CULLOWHEE – “It got quiet for the first time on the whole trip.”
That was the reaction of Western Carolina University students and faculty members traveling in a van toward the Gulf Coast to help with Hurricane Katrina recovery as they began to see the damage wrought by the storm along the highway.
The eight students and two faculty members from Western’s department of health and human performance were awestruck by the damage, which was obvious even through the darkness of night, said Lance Bristol, a senior from Andrews.
The pre-fall break volunteer trip to help Katrina’s victims almost didn’t happen. After Katrina ripped through the Gulf Coast region, Bristol suggested that he and other members of the department’s physical education majors club should travel to a damaged area to help with recovery work. Club members discussed the idea at a meeting, and decided to go.
Bristol said he made a total of 97 telephone calls to various officials, trying to find a way to connect with someone who could tell the Western contingent where they should go, and what to do once they got there. All the telephone calls led nowhere, Bristol said. The group decided to cancel the trip.
But then the right contact was found – the department of health and human performance’s own Valorie Nybo, an assistant professor who has family members in Bay St. Louis, Miss. Nybo put the group in contact with a Methodist church in Bay St. Louis, and the trip was back on.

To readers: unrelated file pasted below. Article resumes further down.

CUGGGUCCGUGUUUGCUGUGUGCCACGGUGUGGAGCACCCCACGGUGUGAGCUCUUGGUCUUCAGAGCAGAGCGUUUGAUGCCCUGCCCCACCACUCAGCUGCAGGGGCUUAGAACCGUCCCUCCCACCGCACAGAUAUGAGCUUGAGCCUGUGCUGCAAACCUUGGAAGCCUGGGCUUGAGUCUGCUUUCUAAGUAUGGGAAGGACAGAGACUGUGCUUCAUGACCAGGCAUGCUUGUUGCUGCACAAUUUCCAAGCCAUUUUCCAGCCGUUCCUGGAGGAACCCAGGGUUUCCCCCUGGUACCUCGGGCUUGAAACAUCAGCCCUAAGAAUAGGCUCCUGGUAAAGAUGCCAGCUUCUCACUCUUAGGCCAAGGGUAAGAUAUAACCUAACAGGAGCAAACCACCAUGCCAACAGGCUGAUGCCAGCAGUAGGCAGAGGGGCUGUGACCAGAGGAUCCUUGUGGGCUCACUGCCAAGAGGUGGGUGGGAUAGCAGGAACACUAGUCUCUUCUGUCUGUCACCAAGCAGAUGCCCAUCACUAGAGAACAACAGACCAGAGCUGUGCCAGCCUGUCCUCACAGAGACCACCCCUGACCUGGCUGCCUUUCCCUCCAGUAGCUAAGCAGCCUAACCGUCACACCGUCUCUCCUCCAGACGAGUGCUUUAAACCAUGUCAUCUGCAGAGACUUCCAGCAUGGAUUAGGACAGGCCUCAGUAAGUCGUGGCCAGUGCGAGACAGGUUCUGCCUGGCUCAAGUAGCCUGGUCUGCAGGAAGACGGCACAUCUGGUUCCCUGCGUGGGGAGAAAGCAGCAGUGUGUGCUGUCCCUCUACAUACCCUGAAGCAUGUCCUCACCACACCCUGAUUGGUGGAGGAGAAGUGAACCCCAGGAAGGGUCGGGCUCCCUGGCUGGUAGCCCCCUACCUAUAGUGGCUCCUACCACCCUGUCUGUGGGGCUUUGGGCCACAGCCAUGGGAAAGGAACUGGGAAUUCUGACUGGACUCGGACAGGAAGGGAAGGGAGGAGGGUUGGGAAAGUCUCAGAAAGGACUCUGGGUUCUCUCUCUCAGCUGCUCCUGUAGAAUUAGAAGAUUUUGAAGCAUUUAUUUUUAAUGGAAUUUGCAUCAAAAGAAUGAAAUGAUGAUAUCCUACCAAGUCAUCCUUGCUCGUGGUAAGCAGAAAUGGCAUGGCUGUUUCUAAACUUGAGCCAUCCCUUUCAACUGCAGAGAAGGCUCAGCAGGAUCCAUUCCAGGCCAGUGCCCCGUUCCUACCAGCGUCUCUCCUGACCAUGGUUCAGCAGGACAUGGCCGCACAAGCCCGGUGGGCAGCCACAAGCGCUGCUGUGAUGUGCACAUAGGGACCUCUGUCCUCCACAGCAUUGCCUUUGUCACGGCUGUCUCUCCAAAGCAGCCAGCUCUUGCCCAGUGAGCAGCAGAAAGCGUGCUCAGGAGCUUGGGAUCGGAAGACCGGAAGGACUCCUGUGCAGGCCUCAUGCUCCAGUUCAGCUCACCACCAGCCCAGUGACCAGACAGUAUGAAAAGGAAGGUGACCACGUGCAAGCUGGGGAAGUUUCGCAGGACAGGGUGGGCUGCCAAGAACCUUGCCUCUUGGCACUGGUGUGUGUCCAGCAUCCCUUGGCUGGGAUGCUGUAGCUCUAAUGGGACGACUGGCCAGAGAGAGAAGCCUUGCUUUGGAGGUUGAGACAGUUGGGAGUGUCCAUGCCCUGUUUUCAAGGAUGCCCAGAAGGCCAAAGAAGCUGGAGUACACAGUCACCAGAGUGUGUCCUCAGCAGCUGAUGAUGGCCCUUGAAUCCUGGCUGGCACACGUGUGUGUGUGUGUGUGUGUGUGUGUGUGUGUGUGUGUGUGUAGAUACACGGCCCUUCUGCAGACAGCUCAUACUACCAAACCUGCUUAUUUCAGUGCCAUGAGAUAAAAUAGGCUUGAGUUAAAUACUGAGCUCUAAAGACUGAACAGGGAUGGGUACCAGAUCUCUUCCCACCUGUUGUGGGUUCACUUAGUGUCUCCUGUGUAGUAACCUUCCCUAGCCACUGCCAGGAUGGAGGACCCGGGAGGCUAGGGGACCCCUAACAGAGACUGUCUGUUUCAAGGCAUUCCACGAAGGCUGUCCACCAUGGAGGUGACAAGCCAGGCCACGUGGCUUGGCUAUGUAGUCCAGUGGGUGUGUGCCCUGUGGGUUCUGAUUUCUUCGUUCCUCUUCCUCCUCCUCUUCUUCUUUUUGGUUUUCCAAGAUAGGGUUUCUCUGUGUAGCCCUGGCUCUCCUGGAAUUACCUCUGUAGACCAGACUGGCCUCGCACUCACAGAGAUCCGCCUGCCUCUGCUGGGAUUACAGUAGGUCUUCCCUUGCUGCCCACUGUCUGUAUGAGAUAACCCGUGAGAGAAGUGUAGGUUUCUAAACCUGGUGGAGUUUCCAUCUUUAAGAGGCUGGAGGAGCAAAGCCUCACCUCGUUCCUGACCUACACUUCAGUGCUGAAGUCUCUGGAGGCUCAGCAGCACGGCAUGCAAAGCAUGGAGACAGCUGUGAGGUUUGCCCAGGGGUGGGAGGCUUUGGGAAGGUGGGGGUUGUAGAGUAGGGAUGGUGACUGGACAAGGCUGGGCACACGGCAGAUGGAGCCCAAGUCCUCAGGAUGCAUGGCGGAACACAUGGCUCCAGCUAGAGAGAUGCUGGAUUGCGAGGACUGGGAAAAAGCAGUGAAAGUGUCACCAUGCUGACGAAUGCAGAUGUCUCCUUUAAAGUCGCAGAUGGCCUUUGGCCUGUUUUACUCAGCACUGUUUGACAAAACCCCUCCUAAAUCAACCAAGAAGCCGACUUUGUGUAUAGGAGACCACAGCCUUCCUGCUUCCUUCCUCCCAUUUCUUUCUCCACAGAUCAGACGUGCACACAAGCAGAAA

The eight students – Bristol, Jenny Burgess, Tim Burleson, Derrick Huggins, Alison McAdam, Meredith Morgan, Lauren Riggan and Rachel Taylor – along with club co-sponsors and faculty members Bob Beaudet and Dan Grube left Cullowhee on Saturday, Oct. 8, and headed to Bay St. Louis.
The group spent Sunday, Oct. 9, through Tuesday, Oct. 11, doing demolition work on damaged homes in Bay St. Louis and nearby Waveland, Miss., Beaudet said. The storm surge in those homes reached about 5 feet during the storm, and damaged carpet, tile and sheetrock have to be removed so that repairs can be made. In some cases, the group first had to clean out the “muck,” a combination of mud and sewage line overflow, Beaudet said.
The group labored for three days on six houses, camping out in the Methodist church courtyard and relying on the church to provide meals.
Beaudet said the student volunteers received permission to miss their classes on Oct. 10 and 11. The group returned to Cullowhee on Wednesday, Oct. 12, the first day of fall break.
“It was a very stressful trip – emotionally and physically,” Beaudet said. “The students needed a break after doing this.”
Bristol said he and several other students are already planning another trip over the Christmas-New Year’s break to provide more assistance to the hurricane victims in the area.